However, 3DP implants come with skill requirements for surgeons and engineers, who require tacit cooperation in the process of implant design, production, and surgery to achieve ideal clinical effects.[57] 3DP implants have not yet been approved by the State Food and Drug Administration (FDA) or the National Medical Products Administration of China, and surgery can only be carried out as part of clinical studies in a few medical centers. In this survey, 71.4% of the surgeons always use rigid implants for chest wall reconstruction if the maximum diameter of chest wall defect exceeds 5 cm; 47.6% of them use titanium implants, including Matrix-RIB, STRATOS, and titanium mesh, while 15.4% of them use polymethylmethacrylate and other implants. Also, 50.8% of thoracic surgeons considered it necessary to use rigid implants to reconstruct chest wall defects in adolescent patients. With respect to the selection of reconstruction materials, 82.5% of the surgeons had used synthetic mesh and biological mesh, including polypropylene mesh, polylactic acid mesh, nylon mesh, polytetrafluoroethylene (PTFE) mesh, silicone membrane mesh, silicone membrane mesh, bovine pericardium mesh, porcine mesentery mesh, artificial skin, etc.

Consensus 6: For NSCLC Invading the Chest Wall, Wide Excision is Recommended for Patients With Stage T3–4N0–1M0 (Category 2). As for NSCLC Without Lymph Node Metastasis (Stage T3–4N0M0), the Treatment Mode of Surgery (Category 2) + Adjuvant Chemotherapy (Category 3) ± Radiotherapy (Category 3) is Recommended. As for NSCLC With Hilar Lymph Node Metastasis (Stage T3–4N1M0), the Treatment Mode of Neoadjuvant Chemotherapy (Category 2) ± Radiotherapy (Category 2) + Surgery (Category 2) is Recommended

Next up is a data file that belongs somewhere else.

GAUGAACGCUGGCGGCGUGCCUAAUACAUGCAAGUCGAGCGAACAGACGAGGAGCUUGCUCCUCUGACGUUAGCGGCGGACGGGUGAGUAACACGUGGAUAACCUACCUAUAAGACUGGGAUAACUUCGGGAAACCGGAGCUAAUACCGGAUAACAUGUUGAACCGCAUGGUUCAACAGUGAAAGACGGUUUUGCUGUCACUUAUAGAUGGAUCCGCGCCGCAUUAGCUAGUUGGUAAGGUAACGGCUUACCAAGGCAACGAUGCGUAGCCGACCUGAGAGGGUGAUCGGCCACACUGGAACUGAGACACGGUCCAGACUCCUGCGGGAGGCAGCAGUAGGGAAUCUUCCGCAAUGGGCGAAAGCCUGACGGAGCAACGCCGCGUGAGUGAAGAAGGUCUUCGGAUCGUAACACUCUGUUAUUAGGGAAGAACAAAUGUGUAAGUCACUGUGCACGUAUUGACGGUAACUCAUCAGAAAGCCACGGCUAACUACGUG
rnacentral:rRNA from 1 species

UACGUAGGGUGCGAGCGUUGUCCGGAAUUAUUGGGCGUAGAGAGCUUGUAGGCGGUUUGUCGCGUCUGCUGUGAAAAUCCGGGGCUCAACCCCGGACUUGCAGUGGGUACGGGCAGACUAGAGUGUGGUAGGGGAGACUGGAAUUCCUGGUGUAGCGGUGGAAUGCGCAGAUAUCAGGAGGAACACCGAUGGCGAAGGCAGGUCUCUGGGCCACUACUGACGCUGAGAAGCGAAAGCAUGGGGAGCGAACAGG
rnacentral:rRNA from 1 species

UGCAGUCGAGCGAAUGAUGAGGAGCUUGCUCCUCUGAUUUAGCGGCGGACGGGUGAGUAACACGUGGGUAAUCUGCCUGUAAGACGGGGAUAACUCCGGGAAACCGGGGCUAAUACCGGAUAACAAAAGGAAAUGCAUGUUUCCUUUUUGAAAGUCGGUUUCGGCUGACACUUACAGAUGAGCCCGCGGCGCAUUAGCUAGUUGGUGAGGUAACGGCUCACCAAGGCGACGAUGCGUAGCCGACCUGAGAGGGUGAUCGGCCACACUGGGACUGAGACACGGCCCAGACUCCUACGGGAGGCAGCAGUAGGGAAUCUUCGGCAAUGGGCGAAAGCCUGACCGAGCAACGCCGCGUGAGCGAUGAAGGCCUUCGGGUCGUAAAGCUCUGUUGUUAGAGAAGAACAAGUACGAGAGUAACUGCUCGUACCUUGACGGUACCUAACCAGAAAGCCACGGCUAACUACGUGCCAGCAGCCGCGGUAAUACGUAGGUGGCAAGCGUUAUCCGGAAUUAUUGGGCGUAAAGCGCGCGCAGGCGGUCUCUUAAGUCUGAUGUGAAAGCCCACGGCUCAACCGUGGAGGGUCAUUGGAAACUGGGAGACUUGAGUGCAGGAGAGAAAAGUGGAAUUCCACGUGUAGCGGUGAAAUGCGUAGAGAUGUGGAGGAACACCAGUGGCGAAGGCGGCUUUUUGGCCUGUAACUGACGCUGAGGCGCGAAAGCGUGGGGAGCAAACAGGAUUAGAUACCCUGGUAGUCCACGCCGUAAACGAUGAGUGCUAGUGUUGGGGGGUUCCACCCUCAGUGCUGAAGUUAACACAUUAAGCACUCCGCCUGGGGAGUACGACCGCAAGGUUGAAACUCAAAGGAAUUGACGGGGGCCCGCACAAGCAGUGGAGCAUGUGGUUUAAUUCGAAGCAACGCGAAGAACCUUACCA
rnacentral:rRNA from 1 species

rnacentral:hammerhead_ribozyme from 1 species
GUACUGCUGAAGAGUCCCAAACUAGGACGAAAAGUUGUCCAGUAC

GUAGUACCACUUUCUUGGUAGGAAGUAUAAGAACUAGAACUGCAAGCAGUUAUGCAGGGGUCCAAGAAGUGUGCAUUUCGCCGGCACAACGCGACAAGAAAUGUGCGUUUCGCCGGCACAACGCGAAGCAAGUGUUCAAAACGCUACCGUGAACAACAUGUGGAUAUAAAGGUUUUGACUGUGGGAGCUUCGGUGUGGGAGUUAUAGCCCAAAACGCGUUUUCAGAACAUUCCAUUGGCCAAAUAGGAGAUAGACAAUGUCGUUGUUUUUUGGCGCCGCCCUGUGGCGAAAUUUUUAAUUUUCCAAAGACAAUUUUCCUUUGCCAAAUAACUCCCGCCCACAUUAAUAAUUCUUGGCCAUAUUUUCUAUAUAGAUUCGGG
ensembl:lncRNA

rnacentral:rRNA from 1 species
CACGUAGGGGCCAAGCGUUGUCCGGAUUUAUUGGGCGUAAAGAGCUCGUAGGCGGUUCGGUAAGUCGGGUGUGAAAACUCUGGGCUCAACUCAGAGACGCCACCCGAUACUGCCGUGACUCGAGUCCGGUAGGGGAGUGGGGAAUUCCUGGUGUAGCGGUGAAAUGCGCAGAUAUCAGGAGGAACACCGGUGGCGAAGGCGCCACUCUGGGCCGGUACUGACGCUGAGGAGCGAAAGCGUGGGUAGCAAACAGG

NSCLC invading the chest wall is a rare clinical disease. According to the TNM staging criteria in the 8th edition of the NCCN NSCLC Clinical Practice Guidelines, NSCLC invading the chest wall can be classified as stage T3 or T4. A number of retrospective clinical studies have shown that patients with NSCLC invading the chest wall can benefit from surgery, especially those without lymph node metastasis.[62–69] Patients with NSCLC invading the chest wall (stage T3–4N0M0) can achieve a 5-year survival rate of 30–67%.[62–69] However, most of the above studies were retrospective, single-center, and small-sample studies with a low level of clinical evidence. Thus, in the NCCN and Chinese Society of Clinical Oncology guidelines, surgery is only recommended as level 2 evidence for patients with NSCLC invading the chest wall (stage T3–4N0M0).[70]

R0 resection and lymph node invasion are the major prognostic factors for NSCLC invading the chest wall. In this survey, 76.2% of surgeons agreed to carry out a wide excision for patients with NSCLC invading the chest wall without lymph node metastasis (stage T3–4N0M0), and 50.8% of them continued to administer adjuvant chemotherapy and/or radiotherapy. Also, 66.6% of surgeons agreed to perform a wide excision for patients with NSCLC invading the chest wall with hilar lymph node metastasis (stage T3–4N1M0), while 62.6% administered neoadjuvant chemotherapy and/or radiotherapy preoperatively. Only 17.5% of surgeons considered operating on patients with NSCLC invading the chest wall with mediastinal lymph node metastasis (stage T3–4N2M0). Wide excision with above 2 cm margin distance aiming for R0 resection should be attempted to achieve an en bloc resection.